I've been quiet for the past few days because I've been at Satellite IV, the 65th British Eastercon, held this year in Glasgow.

In other news: the 2014 Hugo award shortlist has been announced (along with the 1939 retrospective Hugo award shortlist—these are held for years in which no Hugo awards were awarded at the time). Equoid is on the shortlist for best novella, and Neptune's Brood is on the shortlist for best novel.

Less happily, there's considerable controversy over some items on this year's shortlists. I don't want to speak about this until after the awards (not because I'm forbidden from doing so but because, as a shortlisted author myself, it would be a dick move). All I can say for now is that my personal reactions to some of the categories was, "who ordered that?" So here are three sensible opinion pieces on the subject from people who are less constrained than I:

* John Scalzi's thoughts on the 2014 Hugo nominations
* Abigail Nussbaum's view of the shortlist
* Brandon Sanderson's opinions about the shortlists

And now I'm going to shut up about it, except to note that discussion of the shortlists in the comments on this piece is strongly discouraged and may result in the ban hammer getting an outing—and to offer my congratulations to all the first-timers on the shortlists, who must be thrilled to see their names there.

I've been spending a little time lately asking myself questions about the near future. And in particular—this is especially relevant if you're planning on writing a near-future SF novel set maybe 15-30 years hence—what it's going to be like as an experience for, well, not for my generation (I'll be 65-80 if I live that long: of declining relevance) but for the next generation on. And I suspect it'll be pretty shitty.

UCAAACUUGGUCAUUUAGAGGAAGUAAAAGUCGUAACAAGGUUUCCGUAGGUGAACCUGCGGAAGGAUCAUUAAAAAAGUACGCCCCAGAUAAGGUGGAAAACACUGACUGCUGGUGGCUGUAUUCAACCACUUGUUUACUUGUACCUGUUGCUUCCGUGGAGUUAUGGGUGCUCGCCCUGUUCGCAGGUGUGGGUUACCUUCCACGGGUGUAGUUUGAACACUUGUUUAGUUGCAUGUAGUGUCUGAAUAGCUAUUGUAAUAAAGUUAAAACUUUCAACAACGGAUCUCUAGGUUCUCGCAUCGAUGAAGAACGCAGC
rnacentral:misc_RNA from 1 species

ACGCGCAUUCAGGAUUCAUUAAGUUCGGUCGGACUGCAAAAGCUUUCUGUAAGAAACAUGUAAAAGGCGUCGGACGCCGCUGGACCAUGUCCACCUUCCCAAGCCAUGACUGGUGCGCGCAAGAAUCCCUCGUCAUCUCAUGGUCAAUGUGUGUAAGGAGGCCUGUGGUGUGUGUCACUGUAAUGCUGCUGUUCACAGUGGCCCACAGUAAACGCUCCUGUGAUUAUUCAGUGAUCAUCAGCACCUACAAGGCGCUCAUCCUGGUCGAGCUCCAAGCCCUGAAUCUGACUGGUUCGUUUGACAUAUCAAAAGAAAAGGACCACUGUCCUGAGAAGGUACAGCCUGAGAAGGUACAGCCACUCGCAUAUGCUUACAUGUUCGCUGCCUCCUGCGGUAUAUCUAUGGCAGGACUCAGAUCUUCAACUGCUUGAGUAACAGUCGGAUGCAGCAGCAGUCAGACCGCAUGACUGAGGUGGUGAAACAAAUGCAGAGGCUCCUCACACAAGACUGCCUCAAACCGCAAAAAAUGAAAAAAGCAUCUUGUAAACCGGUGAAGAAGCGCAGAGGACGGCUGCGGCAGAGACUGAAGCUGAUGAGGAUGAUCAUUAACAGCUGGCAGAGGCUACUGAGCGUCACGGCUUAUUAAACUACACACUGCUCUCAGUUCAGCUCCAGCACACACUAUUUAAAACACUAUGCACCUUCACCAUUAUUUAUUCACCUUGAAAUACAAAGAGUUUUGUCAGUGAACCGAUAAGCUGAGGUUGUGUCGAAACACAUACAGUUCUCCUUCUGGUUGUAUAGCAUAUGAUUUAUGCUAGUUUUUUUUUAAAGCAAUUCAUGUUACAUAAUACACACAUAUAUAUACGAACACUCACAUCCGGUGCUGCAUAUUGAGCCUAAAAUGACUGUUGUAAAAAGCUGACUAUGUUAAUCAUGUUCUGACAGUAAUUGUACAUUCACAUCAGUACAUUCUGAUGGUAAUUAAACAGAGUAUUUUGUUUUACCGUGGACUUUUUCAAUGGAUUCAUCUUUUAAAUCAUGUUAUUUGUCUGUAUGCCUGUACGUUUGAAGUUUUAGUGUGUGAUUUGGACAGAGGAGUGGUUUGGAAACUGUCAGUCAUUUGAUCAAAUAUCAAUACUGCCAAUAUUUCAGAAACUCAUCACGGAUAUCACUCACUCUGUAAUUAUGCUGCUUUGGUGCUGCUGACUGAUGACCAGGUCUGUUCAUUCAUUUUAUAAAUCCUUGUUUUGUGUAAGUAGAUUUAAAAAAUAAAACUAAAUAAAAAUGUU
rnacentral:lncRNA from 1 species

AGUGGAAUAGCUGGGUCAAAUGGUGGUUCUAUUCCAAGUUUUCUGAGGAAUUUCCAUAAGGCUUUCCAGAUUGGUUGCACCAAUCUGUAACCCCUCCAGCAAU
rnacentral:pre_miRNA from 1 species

I was born in late 1964, the youngest child of older-than-average parents who married late: my cousins are (or were) part of the baby boom generation, but culturally I'm an early type specimen of Generation X.

So, I was making slow but steady headway on "Invisible Sun" (Merchant Princes: The Next Generation #3) when I got bitten this morning by an Attack Novel. I mean, a rabid one. So far, I've confined myself to writing the first 2500 words of an outline; I plan to finish it today, stick it in a drawer to cool (or until the urge to create becomes irresistible), then go back to "Invisible Sun".

This isn't a unique event. You might have noticed Wednesday's wholly inappropriate blog entry about a political satire/thriller that is utterly unsaleable, revolving around the identity of the 2016 Republican Party Candidate for POTUS.

But there's more.

Some of you might have noticed something called heartbleed generating a lot of tech news smoke and heat this week.

This web server runs on Apache, yes. But I don't provide an encrypted server connection over SSL—it's an unencrypted set-up because I'm not in the business of selling you something or handling your confidential information, and I don't see a pressing need to make your life and mine more complicated in order to provide an illusion of (non-existent) security. If you're not running an SSL encrypted service in the first place, then you're not vulnerable to a particularly nasty zero-day hitting OpenSSL. QED.